Even though little more than a week has past since the Red Foxes’ season-ending loss to eventual MAAC tournament champion Manhattan, the legacy of these Marist seniors will endure further than their careers ever could.
Chavaughn Lewis exits as Marist’s all-time leading scorer with 2,119 points, but that is hardly the only accomplishment this group will be remembered for. Most programs don’t fight through the experiences they had in one year in any of their four years, yet this group dealt with new challenges in each season. Whether it was fighting for the head coach that recruited them, or learning two new systems from his successors; the games were only the tip of the iceberg for a group whose career ended against Manhattan last Saturday night.
They might not have compiled one of the best winning streaks in their four years, but they have endured through all of the struggles and came out and won just their second MAAC tournament game in their time at the school. After falling as the sixth seed last season to Niagara, it was a little bit of justice for this Red Foxes group to pull off an upset over sixth seeded Quinnipiac in the first round.
It was also in that fashion, for a school who has never won two consecutive MAAC tournament games, that the Red Foxes fought against the third-seeded Jaspers, only to fall 74-58 in their final game. After the game, senior T.J. Curry said he gave a speech in the locker room reflecting on his four years at Marist.
“I told them that, as soon as the horn went off, that was the end of my career and the upperclassmen, but its the beginning of yours,” Curry said. “Learn from our mistakes and that’s just something I just kept preaching.”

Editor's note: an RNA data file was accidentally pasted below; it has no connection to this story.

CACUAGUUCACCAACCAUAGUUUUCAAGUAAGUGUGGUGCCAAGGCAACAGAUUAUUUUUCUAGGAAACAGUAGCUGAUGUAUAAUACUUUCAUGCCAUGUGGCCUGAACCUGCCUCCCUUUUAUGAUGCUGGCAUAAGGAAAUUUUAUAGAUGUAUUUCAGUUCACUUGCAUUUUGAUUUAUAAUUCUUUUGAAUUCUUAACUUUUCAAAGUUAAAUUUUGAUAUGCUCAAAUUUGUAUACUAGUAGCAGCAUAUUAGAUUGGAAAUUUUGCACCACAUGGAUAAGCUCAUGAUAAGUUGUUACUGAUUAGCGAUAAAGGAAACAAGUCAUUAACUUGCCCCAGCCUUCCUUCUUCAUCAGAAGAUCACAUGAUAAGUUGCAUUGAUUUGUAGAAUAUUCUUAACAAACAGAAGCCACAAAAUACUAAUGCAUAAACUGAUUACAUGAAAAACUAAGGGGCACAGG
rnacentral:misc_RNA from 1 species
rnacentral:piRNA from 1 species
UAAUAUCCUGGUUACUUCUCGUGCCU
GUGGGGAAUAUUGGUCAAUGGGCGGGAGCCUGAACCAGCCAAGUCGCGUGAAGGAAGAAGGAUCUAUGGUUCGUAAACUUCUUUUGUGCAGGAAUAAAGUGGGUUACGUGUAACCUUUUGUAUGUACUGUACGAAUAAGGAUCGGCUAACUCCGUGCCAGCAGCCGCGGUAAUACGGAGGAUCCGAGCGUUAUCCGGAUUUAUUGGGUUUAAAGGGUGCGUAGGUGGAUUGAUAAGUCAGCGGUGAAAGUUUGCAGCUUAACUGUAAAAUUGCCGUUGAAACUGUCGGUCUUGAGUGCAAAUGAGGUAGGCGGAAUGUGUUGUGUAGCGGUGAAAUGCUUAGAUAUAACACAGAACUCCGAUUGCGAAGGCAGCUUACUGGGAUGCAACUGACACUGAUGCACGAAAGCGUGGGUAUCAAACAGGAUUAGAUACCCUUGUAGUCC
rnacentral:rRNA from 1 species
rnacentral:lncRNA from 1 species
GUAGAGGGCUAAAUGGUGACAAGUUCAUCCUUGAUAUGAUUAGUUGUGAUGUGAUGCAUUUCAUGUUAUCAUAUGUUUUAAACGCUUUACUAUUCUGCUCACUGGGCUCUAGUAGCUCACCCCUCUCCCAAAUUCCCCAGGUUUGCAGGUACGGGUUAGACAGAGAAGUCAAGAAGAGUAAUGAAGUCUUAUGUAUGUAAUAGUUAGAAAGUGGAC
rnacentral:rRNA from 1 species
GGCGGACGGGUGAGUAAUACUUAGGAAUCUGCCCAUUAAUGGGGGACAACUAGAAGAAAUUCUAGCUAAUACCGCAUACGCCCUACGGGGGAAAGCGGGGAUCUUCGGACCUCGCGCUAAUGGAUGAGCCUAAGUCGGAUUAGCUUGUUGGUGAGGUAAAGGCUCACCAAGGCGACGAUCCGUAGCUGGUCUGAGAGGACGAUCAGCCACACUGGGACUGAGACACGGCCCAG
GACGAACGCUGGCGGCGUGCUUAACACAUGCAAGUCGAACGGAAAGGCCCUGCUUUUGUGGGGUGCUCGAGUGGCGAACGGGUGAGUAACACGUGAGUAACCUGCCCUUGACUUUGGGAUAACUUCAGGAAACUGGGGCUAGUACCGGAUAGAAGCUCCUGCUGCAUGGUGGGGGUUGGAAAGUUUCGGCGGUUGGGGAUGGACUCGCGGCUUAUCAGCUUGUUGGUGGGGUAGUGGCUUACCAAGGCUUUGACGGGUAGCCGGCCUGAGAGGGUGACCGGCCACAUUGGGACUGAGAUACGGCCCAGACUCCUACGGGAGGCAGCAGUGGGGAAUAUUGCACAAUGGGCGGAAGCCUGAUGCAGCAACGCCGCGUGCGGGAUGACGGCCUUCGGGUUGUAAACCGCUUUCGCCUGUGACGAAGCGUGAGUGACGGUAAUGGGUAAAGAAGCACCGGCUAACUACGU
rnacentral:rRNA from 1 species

The legacy of Chavaughn Lewis, T.J. Curry, Manny Thomas and walk-on Tourron Whitfield will probably be the last class at Marist in a long time to all hail from the New York City area.
They won 43 of their 126 games over the course of their four years, but it was the difficult times that they had to endure that shaped their careers.
“I feel like we made a tremendous impact regardless of having three different coaches,” Curry said. “Everyday we practiced and played, we left it all out there and we stood humble. I feel like I wouldn’t want to be anywhere else, I’m happy with the choice that I made and I’m happy how I finished my career.”
When asked if they left the program better than they started, Lewis said that his journey through the four years he hopes laid a foundation for success.
“I preached to the guys that, don’t let the adversity go to waste,” Lewis said. “All the pain that we endured and all the obstacles that we faced, don’t let it go to waste, just keep pushing.”
“Hopefully the impact that we made on these guys and the struggles that we went through together can be led by Khallid [Hart] and the rest of the upperclassmen guys. I know the guys that are buying in and trusting the coaching staff and eventually things are going to definitely turn around.”
Now, after having the 6’5″ swingman Lewis as the face of the program, the torch will be passed on to the 6’2″ Hart, who already had his own challenges. He was forced to redshirt in 2012, Martin’s final season at the school, when he suffered a preseason injury. Last season he won MAAC Rookie of the Year, and he played alongside the seniors for two seasons, now it will be up to him to carry those lessons forward.
“All season they’ve showed a lot of toughness, resiliency, all season and I think that’s what I take away most from them,” Hart said. “They endured everything the past four years and to still walk up with their heads up high and still lead us the way they did, it’s an inspiration to me. It becomes my responsibility to take it on to the rest of the team.”
Ryan Restivo wrote the America East conference preview for the 2014-15 Blue Ribbon College Basketball Yearbook. He covers the Metro Atlantic Athletic Conference, the America East conference and Hofstra for Big Apple Buckets. You can follow Ryan on Twitter @ryanarestivo or contact Ryan at rrestivo[at]nycbuckets.com.